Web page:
The painstaking move of tens of thousands of drawings, texts and pictures to the archives of the Chicago Public Library puts Chicagoans in closer contact with the history of their parks and the city that grew up around them.
Photos from the archives:
The Chicago Park District’s archives are being moved into Chicago Public Library’s Special Collections at the Harold Washington Library Center. They document the growth of the city’s parks and the riots, rallies and recreation they have been home to for more than a century.
The archive – more than 161,000 documents and growing – is by far the largest the public library has ever taken on. The process of moving them has taken years. The variety of items in the collection, from blueprints for monumental building projects by make-no-little-plan architects to toys lent out by New Deal-era toy libraries, reflect the diverse uses Chicagoans have found for their parks.
“I think that’s why I never got bored [after] 28 years on one topic,” said Julia Bachrach, the Park District’s longtime historian and archivist. “Because it covers so many things, its so broad. It’s the most amazing institution in Chicago, the Chicago Park District. It was, and it is today.”
Important historical moments – the 1968 protests against the Democratic National Convention in Grant Park, the launch of the Special Olympics, the Century of Progress exhibition – are also captured in the archive.
The relocated archives have seen a steady stream of visits by researchers interested in topics from landscape architecture to genealogy and historic water fountains according to Johanna Russ, a CPL archivist in charge of the collection.
As big changes come to Jackson Park, courtesy of the Obama Presidential Center and other construction projects, people have turned to the archives for evidence of Frederick Law Olmsted’s original plans for the site.
That’s not the only modern concern researchers have brought to the archive.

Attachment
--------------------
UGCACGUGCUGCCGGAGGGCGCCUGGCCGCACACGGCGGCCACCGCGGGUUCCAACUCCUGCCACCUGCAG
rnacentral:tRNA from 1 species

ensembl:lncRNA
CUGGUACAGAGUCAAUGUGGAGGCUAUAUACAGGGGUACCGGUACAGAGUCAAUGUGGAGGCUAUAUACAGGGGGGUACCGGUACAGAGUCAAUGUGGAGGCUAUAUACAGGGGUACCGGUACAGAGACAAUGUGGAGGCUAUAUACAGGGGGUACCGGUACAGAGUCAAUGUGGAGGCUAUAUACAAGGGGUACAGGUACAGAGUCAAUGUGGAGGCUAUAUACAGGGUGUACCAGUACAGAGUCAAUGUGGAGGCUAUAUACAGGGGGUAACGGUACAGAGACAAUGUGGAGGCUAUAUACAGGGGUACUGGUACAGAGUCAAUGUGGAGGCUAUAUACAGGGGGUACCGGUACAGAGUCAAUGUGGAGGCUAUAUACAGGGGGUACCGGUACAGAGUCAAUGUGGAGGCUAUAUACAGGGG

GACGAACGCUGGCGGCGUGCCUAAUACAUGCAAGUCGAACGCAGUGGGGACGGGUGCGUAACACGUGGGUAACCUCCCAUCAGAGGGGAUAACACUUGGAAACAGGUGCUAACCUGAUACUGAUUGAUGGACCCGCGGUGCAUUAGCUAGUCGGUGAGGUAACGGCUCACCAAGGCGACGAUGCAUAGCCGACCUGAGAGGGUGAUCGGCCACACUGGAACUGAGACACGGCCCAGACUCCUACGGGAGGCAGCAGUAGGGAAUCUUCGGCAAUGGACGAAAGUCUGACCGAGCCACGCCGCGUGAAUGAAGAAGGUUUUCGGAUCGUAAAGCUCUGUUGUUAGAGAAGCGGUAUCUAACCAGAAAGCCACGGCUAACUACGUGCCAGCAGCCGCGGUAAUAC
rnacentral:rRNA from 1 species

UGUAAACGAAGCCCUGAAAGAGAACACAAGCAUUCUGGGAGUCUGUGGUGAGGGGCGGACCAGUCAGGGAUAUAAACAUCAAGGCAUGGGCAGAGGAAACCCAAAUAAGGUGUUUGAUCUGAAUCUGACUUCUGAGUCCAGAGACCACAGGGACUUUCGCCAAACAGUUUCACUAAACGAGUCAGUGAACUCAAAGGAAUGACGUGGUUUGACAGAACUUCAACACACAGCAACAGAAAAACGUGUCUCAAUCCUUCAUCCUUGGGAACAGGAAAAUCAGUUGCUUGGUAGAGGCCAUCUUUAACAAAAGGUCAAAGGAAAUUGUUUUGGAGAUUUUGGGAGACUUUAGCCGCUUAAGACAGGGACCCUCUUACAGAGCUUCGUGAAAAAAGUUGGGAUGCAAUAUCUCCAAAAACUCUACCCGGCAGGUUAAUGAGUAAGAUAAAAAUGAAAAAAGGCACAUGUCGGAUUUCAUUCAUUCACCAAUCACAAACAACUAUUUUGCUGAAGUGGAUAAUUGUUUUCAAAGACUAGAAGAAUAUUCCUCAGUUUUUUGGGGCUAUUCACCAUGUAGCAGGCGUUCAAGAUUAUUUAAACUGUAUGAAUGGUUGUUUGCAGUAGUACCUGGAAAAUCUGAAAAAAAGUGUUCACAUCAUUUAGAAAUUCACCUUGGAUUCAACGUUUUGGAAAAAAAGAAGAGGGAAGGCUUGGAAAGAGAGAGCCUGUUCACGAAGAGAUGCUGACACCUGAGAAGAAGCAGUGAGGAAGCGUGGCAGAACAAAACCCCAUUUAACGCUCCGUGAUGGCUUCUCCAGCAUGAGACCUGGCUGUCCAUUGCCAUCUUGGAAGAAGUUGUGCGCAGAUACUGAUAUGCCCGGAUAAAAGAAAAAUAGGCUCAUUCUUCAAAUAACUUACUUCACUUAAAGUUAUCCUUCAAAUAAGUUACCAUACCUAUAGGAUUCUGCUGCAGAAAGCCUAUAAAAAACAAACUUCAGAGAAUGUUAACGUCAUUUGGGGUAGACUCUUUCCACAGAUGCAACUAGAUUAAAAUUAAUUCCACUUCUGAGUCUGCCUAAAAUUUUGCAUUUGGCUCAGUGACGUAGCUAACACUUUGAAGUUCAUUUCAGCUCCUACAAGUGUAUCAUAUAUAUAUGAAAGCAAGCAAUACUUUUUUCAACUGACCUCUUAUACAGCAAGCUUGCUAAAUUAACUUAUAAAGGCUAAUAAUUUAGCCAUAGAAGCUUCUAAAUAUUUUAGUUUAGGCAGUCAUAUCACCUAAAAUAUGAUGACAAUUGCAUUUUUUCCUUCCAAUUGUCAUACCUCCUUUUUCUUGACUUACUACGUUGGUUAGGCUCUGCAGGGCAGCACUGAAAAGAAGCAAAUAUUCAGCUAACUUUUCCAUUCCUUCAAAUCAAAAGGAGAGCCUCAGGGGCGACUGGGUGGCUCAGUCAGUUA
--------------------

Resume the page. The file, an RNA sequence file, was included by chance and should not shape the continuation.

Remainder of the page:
“We had one request from an attorney about a murder case. They were trying to prove the location of a playground that was no longer there. It helped with the alibi, in some way,” Russ said.
Ten thousand of the 70,000 photos in the collection are available online. The other photos and drawings can be viewed during visiting hours at Special Collections.
The germ of the collection was the discovery of documents in a half-forgotten vault beneath a parking lot next to Soldier Field in 1987. The next year, Bachrach began working at the Park District as an archivist, part of an effort to get a handle on more than a century of material.
Almost thirty years later, Bachrach began to look for an institution that could look out for the documents after she retired. In 2013, the Park District and the Library signed an agreement and began the transfer. Costs were borne by donations from the Donnelly Foundation and the Parkways Foundation.
The move of the collection posed a daunting logistical challenge.
For one thing, the documents were not only of historical interest. As the park system built, rebuilt, and renovated, its employees and contractors refer back to the plans for the site, so every document had to be digitized before it could be moved to its new home.
The collection was so large that some other parts of CPL had to give up space to accommodate the new demand for space from special collections. Some items – like sometimes to-scale drawings of planned architectural features – were so large the library had to order specially built cabinets to accommodate them. At one point, they contemplated taking door frames off their hinges to make room for the documents in transit.
“That’s what we paid the moving guys to figure out,” CPL archivist Morag Walsh said. “Its archival material, extremely valuable, extremely brittle, fragile. You couldn’t just stick everything up on end and shove it through the door. … We got to be very good friends with them.”
Some especially fragile drawings await conservation, as Special Collections resources and support from donors allow. Most of the written documents in the Park District archives remain at Park District headquarters.
“There’s still a lot to be done. But I don’t know if you can find too many other institutions that have taken on anything as large and complex as this. It’s a tremendous resource that will hopefully continue to grow,” Bachrach said.
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